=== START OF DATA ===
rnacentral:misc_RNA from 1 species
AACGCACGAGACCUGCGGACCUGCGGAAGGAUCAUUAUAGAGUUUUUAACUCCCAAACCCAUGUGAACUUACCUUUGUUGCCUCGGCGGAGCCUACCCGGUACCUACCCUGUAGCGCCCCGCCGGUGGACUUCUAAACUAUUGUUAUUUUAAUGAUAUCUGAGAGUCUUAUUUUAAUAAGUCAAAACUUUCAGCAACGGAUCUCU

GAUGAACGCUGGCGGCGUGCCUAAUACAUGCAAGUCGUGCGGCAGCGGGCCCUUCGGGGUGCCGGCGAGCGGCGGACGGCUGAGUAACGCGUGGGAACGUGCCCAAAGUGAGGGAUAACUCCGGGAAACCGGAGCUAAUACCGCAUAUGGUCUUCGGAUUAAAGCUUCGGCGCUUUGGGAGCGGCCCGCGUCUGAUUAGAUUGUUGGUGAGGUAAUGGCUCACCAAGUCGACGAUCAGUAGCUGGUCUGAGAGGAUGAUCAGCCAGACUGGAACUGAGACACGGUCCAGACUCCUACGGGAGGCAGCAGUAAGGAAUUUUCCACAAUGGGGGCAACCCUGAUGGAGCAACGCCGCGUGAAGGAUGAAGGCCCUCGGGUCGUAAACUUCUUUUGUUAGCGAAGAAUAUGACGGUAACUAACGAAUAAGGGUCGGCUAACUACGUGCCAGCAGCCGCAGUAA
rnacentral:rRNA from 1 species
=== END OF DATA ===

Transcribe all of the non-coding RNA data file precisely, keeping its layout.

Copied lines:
rnacentral:misc_RNA from 1 species
AACGCACGAGACCUGCGGACCUGCGGAAGGAUCAUUAUAGAGUUUUUAACUCCCAAACCCAUGUGAACUUACCUUUGUUGCCUCGGCGGAGCCUACCCGGUACCUACCCUGUAGCGCCCCGCCGGUGGACUUCUAAACUAUUGUUAUUUUAAUGAUAUCUGAGAGUCUUAUUUUAAUAAGUCAAAACUUUCAGCAACGGAUCUCU

GAUGAACGCUGGCGGCGUGCCUAAUACAUGCAAGUCGUGCGGCAGCGGGCCCUUCGGGGUGCCGGCGAGCGGCGGACGGCUGAGUAACGCGUGGGAACGUGCCCAAAGUGAGGGAUAACUCCGGGAAACCGGAGCUAAUACCGCAUAUGGUCUUCGGAUUAAAGCUUCGGCGCUUUGGGAGCGGCCCGCGUCUGAUUAGAUUGUUGGUGAGGUAAUGGCUCACCAAGUCGACGAUCAGUAGCUGGUCUGAGAGGAUGAUCAGCCAGACUGGAACUGAGACACGGUCCAGACUCCUACGGGAGGCAGCAGUAAGGAAUUUUCCACAAUGGGGGCAACCCUGAUGGAGCAACGCCGCGUGAAGGAUGAAGGCCCUCGGGUCGUAAACUUCUUUUGUUAGCGAAGAAUAUGACGGUAACUAACGAAUAAGGGUCGGCUAACUACGUGCCAGCAGCCGCAGUAA
rnacentral:rRNA from 1 species